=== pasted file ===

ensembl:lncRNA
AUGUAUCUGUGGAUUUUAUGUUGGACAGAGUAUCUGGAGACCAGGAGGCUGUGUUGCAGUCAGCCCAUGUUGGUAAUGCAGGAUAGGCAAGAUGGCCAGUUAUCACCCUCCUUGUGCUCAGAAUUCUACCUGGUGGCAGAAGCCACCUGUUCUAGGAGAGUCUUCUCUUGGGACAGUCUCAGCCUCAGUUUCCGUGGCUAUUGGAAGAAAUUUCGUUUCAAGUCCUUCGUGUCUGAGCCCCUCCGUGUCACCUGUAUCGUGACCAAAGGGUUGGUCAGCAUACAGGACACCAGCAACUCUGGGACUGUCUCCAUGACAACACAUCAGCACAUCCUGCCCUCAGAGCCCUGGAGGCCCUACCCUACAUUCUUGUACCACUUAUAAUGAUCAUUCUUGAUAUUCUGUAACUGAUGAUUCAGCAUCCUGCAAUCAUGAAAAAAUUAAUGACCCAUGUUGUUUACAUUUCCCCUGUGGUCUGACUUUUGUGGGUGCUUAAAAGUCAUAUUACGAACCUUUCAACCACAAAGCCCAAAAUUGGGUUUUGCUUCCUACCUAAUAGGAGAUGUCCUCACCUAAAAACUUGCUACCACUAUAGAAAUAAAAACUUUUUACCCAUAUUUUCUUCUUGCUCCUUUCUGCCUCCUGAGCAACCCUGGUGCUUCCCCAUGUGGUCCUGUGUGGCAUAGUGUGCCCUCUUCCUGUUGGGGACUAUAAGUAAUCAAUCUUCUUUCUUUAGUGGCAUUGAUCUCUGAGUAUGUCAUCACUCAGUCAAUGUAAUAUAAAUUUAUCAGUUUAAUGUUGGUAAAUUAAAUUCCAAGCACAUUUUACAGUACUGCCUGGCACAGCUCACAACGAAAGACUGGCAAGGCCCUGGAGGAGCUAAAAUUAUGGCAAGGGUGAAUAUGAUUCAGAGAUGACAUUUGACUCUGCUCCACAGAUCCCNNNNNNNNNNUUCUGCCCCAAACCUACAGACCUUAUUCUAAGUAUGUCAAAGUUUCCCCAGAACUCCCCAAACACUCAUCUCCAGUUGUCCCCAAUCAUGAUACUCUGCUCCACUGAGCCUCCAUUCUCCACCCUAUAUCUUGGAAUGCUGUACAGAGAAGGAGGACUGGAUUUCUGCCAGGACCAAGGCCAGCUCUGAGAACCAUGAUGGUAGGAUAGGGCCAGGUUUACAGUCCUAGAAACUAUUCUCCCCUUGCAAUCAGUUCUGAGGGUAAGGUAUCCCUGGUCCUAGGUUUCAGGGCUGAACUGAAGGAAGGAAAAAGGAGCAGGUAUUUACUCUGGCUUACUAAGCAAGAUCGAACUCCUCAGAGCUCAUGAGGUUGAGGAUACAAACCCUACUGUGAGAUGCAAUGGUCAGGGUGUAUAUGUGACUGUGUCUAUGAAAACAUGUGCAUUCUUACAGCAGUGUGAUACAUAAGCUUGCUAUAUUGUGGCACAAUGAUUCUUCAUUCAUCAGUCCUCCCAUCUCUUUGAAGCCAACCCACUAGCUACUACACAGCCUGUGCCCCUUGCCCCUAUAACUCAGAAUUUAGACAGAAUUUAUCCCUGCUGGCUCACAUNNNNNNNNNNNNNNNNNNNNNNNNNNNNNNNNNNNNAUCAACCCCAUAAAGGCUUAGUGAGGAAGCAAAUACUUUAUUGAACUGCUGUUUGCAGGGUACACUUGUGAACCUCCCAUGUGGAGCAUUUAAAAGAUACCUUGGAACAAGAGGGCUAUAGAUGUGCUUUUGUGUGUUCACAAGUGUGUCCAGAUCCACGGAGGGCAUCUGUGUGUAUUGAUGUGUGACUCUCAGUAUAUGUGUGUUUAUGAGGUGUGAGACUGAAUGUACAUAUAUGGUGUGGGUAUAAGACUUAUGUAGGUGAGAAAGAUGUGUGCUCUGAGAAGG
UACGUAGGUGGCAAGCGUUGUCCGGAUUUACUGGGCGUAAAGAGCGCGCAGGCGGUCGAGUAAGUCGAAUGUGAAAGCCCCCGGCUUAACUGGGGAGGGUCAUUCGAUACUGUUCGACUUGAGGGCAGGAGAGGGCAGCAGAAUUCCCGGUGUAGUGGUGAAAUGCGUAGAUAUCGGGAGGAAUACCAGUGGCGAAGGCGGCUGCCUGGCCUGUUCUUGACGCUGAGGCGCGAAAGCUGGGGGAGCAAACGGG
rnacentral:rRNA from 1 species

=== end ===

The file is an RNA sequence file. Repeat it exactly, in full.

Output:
ensembl:lncRNA
AUGUAUCUGUGGAUUUUAUGUUGGACAGAGUAUCUGGAGACCAGGAGGCUGUGUUGCAGUCAGCCCAUGUUGGUAAUGCAGGAUAGGCAAGAUGGCCAGUUAUCACCCUCCUUGUGCUCAGAAUUCUACCUGGUGGCAGAAGCCACCUGUUCUAGGAGAGUCUUCUCUUGGGACAGUCUCAGCCUCAGUUUCCGUGGCUAUUGGAAGAAAUUUCGUUUCAAGUCCUUCGUGUCUGAGCCCCUCCGUGUCACCUGUAUCGUGACCAAAGGGUUGGUCAGCAUACAGGACACCAGCAACUCUGGGACUGUCUCCAUGACAACACAUCAGCACAUCCUGCCCUCAGAGCCCUGGAGGCCCUACCCUACAUUCUUGUACCACUUAUAAUGAUCAUUCUUGAUAUUCUGUAACUGAUGAUUCAGCAUCCUGCAAUCAUGAAAAAAUUAAUGACCCAUGUUGUUUACAUUUCCCCUGUGGUCUGACUUUUGUGGGUGCUUAAAAGUCAUAUUACGAACCUUUCAACCACAAAGCCCAAAAUUGGGUUUUGCUUCCUACCUAAUAGGAGAUGUCCUCACCUAAAAACUUGCUACCACUAUAGAAAUAAAAACUUUUUACCCAUAUUUUCUUCUUGCUCCUUUCUGCCUCCUGAGCAACCCUGGUGCUUCCCCAUGUGGUCCUGUGUGGCAUAGUGUGCCCUCUUCCUGUUGGGGACUAUAAGUAAUCAAUCUUCUUUCUUUAGUGGCAUUGAUCUCUGAGUAUGUCAUCACUCAGUCAAUGUAAUAUAAAUUUAUCAGUUUAAUGUUGGUAAAUUAAAUUCCAAGCACAUUUUACAGUACUGCCUGGCACAGCUCACAACGAAAGACUGGCAAGGCCCUGGAGGAGCUAAAAUUAUGGCAAGGGUGAAUAUGAUUCAGAGAUGACAUUUGACUCUGCUCCACAGAUCCCNNNNNNNNNNUUCUGCCCCAAACCUACAGACCUUAUUCUAAGUAUGUCAAAGUUUCCCCAGAACUCCCCAAACACUCAUCUCCAGUUGUCCCCAAUCAUGAUACUCUGCUCCACUGAGCCUCCAUUCUCCACCCUAUAUCUUGGAAUGCUGUACAGAGAAGGAGGACUGGAUUUCUGCCAGGACCAAGGCCAGCUCUGAGAACCAUGAUGGUAGGAUAGGGCCAGGUUUACAGUCCUAGAAACUAUUCUCCCCUUGCAAUCAGUUCUGAGGGUAAGGUAUCCCUGGUCCUAGGUUUCAGGGCUGAACUGAAGGAAGGAAAAAGGAGCAGGUAUUUACUCUGGCUUACUAAGCAAGAUCGAACUCCUCAGAGCUCAUGAGGUUGAGGAUACAAACCCUACUGUGAGAUGCAAUGGUCAGGGUGUAUAUGUGACUGUGUCUAUGAAAACAUGUGCAUUCUUACAGCAGUGUGAUACAUAAGCUUGCUAUAUUGUGGCACAAUGAUUCUUCAUUCAUCAGUCCUCCCAUCUCUUUGAAGCCAACCCACUAGCUACUACACAGCCUGUGCCCCUUGCCCCUAUAACUCAGAAUUUAGACAGAAUUUAUCCCUGCUGGCUCACAUNNNNNNNNNNNNNNNNNNNNNNNNNNNNNNNNNNNNAUCAACCCCAUAAAGGCUUAGUGAGGAAGCAAAUACUUUAUUGAACUGCUGUUUGCAGGGUACACUUGUGAACCUCCCAUGUGGAGCAUUUAAAAGAUACCUUGGAACAAGAGGGCUAUAGAUGUGCUUUUGUGUGUUCACAAGUGUGUCCAGAUCCACGGAGGGCAUCUGUGUGUAUUGAUGUGUGACUCUCAGUAUAUGUGUGUUUAUGAGGUGUGAGACUGAAUGUACAUAUAUGGUGUGGGUAUAAGACUUAUGUAGGUGAGAAAGAUGUGUGCUCUGAGAAGG
UACGUAGGUGGCAAGCGUUGUCCGGAUUUACUGGGCGUAAAGAGCGCGCAGGCGGUCGAGUAAGUCGAAUGUGAAAGCCCCCGGCUUAACUGGGGAGGGUCAUUCGAUACUGUUCGACUUGAGGGCAGGAGAGGGCAGCAGAAUUCCCGGUGUAGUGGUGAAAUGCGUAGAUAUCGGGAGGAAUACCAGUGGCGAAGGCGGCUGCCUGGCCUGUUCUUGACGCUGAGGCGCGAAAGCUGGGGGAGCAAACGGG
rnacentral:rRNA from 1 species